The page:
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brow into a frown that marked such determined resolution, that our hero, gazing with astonishment upon a figure at once so enthufiastic and so grotesque, waited in suspense till the oracle should utter his definitive response.

" Set forward,” at length cried Ezekiel, « fer forward, I say, young man, when thou wilt, with the blessing of the Lord, I am ready to accompany thee.”

Ezekiel's mind was not made to embrace more than one object at a time, if that was an interesting one; in friendfhip more especially his ideas were too'ardent to be at leisure for any other subject collaterally, so that he had just now consigned Blachford and his legacy to absolute oblivion ; neither did he keep his offer back till enquiry could be made of Henry, whither he was going, and why he was

going at all, but having quitted his wicker · chair, and disposed of his tobacco pipe, by

Thivering it into fragments, he ftrode to the corner of the kitchen, where he seized hold · of his faithful crabstock, and brandilaing it "with a gallant air, declared himself forth with

ready to begin his march...“ Hold,” cried · Henry, smiling, “ have patience, my good

friend; our's is no short trip, and methinks


you are not equipt for a long one."-- That's true, that's true,” replied Ezekiel, “ I protest to you my apparel had escap'd me.”-And indeed, unless an old black and white stuff night gown, with a woollen cap on his head, and worn-out shoes out into slippers on his feet, might be called the proper trim of a traveller, honest Ezekiel was at this moment no otherwise provided.

“ But you forget,” said Henry, “ Mr. Blachford and his business.”_"Ods my life,” quoth Daw, « as sure as can be it had nipt my memory, and now it comes into my mind that I shou'd have asked you whither it is that you are going, and how it comes to pass that you are posting away just when fortune is dropping into your lap: these, do you see, friend Henry, are very natural questions, and my only wonder is, how it came about that they did not occur to me before.”—“'Tis all in good time;" quoth Henry, “ for, if I can prevail, you shall not fet a foot without there doors on my account. With the officer, who accompanied me hither in the chaile, I am going out of England.”_" Well, well,” resumed the good man, “ if thou art going in a good cause, were it to circumnavigate the globe, I'll not finch from my word. Doft think, because I am a man of peace, I am therefore not a man of spirit? But whither art thou bound? Is it to fight the enemies of our country? Be it so! The danger thou can'st face I shall not fly from.”-“ I know I may depend upon your fecresy,” said Henry, “ therefore I shall not disguise from you my intentions: Lady Crowbery is ordered to Lisbon.”-“ And dost thou think of going with her ?” cried Ezekiel.“ Not so," replied Henry, “ for I shall take my passage by another conveyance.”

Here the preacher shook his head, which, being noticed by our hero_" Banish all these horrid notions,” he cried; “ banish them for ever! Let it not enter into your heart to conceive that my motives are not pious, and my duties sacred. You would have followed me to prison, being a stranger to you and a culprit; The is a guiltless sufferer, my friend and benefactress; shall I do less for her, and be a monster of ingratitude ?"_“Thou shalt not,” quoth honest Daw; “ if gratitude be thy motive; I will travel with a grateful man to the world's utmost limit, nay, beyond it, for I pronounce, that gratitude is a lovely virtue, it is, it is but I have now no time to tell thee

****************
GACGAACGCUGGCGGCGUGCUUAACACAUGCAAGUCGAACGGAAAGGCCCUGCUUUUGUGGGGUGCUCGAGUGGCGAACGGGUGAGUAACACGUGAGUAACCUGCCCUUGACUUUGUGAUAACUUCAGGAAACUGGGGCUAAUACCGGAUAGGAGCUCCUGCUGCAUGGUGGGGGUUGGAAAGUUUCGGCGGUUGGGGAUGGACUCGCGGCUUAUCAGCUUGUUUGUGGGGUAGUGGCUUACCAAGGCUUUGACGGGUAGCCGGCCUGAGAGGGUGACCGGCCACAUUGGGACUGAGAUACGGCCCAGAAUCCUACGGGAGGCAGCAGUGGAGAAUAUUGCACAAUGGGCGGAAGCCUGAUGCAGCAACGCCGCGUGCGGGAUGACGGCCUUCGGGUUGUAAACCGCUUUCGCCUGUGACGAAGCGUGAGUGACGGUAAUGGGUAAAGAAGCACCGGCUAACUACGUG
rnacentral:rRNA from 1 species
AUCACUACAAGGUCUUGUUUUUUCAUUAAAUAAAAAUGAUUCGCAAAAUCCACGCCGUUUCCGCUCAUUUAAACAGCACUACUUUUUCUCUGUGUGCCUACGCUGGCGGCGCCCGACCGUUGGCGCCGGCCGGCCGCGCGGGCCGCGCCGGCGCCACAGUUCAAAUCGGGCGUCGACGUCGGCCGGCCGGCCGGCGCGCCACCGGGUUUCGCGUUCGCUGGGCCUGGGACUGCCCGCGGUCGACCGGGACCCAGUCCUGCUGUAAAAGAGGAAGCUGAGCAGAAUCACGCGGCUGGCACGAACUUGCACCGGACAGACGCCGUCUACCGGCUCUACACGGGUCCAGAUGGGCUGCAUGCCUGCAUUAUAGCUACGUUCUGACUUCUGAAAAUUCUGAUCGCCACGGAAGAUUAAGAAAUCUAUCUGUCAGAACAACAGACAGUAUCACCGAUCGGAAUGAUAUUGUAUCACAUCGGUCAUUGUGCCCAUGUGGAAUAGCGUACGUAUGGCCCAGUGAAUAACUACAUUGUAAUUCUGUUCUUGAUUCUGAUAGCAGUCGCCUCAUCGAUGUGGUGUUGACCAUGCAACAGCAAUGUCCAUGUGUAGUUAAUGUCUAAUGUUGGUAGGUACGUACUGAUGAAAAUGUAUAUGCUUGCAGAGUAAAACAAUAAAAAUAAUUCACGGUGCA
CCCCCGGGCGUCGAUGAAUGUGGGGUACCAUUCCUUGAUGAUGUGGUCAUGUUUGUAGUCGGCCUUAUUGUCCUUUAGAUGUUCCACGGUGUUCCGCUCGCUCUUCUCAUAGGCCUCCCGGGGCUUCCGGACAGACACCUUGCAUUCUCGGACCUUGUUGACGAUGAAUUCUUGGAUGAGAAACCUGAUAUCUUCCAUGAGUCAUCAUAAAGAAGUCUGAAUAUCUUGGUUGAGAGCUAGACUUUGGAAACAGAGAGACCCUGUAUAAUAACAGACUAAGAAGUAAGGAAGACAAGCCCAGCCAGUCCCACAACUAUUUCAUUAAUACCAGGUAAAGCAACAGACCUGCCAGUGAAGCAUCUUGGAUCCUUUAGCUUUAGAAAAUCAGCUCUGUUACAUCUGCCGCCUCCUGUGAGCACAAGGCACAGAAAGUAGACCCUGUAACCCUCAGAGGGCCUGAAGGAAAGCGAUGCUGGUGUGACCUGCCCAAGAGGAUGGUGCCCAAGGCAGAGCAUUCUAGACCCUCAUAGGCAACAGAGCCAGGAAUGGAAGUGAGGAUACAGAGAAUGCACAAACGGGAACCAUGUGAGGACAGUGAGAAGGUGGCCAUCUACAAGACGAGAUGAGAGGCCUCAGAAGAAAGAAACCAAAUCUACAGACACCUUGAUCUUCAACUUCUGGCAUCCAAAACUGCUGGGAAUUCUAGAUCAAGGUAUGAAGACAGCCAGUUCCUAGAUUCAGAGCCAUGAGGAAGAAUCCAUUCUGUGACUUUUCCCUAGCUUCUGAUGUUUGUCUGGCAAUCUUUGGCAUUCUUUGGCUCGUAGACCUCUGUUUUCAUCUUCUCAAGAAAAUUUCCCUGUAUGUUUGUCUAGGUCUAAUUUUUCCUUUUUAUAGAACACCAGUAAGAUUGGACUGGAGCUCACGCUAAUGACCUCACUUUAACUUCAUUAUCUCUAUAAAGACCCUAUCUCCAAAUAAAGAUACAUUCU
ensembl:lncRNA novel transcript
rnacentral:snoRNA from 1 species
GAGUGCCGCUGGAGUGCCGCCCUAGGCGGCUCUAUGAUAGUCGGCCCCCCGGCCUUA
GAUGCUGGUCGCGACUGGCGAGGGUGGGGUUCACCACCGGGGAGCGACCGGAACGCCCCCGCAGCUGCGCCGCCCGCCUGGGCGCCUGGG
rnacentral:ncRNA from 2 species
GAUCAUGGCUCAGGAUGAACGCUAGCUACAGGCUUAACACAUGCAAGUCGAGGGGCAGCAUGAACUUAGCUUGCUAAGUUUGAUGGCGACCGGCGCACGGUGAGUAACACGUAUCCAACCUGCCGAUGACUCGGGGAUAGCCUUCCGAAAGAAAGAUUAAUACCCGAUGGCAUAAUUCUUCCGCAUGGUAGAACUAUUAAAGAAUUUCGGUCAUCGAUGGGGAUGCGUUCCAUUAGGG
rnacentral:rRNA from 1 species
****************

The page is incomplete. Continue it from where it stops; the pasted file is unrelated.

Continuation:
what it is; I will speak more fully of it on another occasion. But hark thee, friend of mine, thou must allo be regardful of thine interests in this Blachford: he is a dying man, and shou’d'st thou not be present when he breathes his last, the harpies may lay hold of his effects, and thou may'st be defrauded of some part at least of that property, which is lawfully to devolve to thee.”-“Whatever may be the consequence,” replied Henry, “I shall not put interest in the balance against conscience. I must perform my duty to Lady Crowbery; and if you will remain here, and act on my behalf upon the spot, all will be well; and, in fact, my friend, as you have been the moving cause of all this unlooked for good fortune, I have a claim upon your kind offices, for completing what you have begun.”“Very well,” replied Daw, “ we shall fec i what is to be done after you have visited the

fick man; in the mean time I will go and apparel myself for the day.”

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A Death-bed Dialogue, in which fome Readers

will think there is much Folly, others much Honour, on the Part of our Hero.

U HILST Ezekiel Daw was ascending

V to his cock-loft, and before Henry had set out upon his visit to Blachford, Doctor Zachary Cawdle, returning from his patient at the next door, entered the cottage. As soon as he espied our hero-"Welcome, welcome,” he exclaimed, “thou child of good fortune; sure the skies rain gold for you; here's a chance, and a change! Marry, the times are strangely altered, Henry, since you and I first met. Why this justice of our's is indeed a justice at last, and honest Ezekiel the preacher has once in his life preach'd to some purpose; I have only made a hole in the head of my patient, he has open'd his heart. And so you are now the 'Squire of Crowbery, heir to his whole fortune, a few legacies excepted, one of which I am sure you will not regret, a small bequest to Susan May, to balance old accompts: but what gratifies me above all is, that he has entirely cut this good-for-nothing


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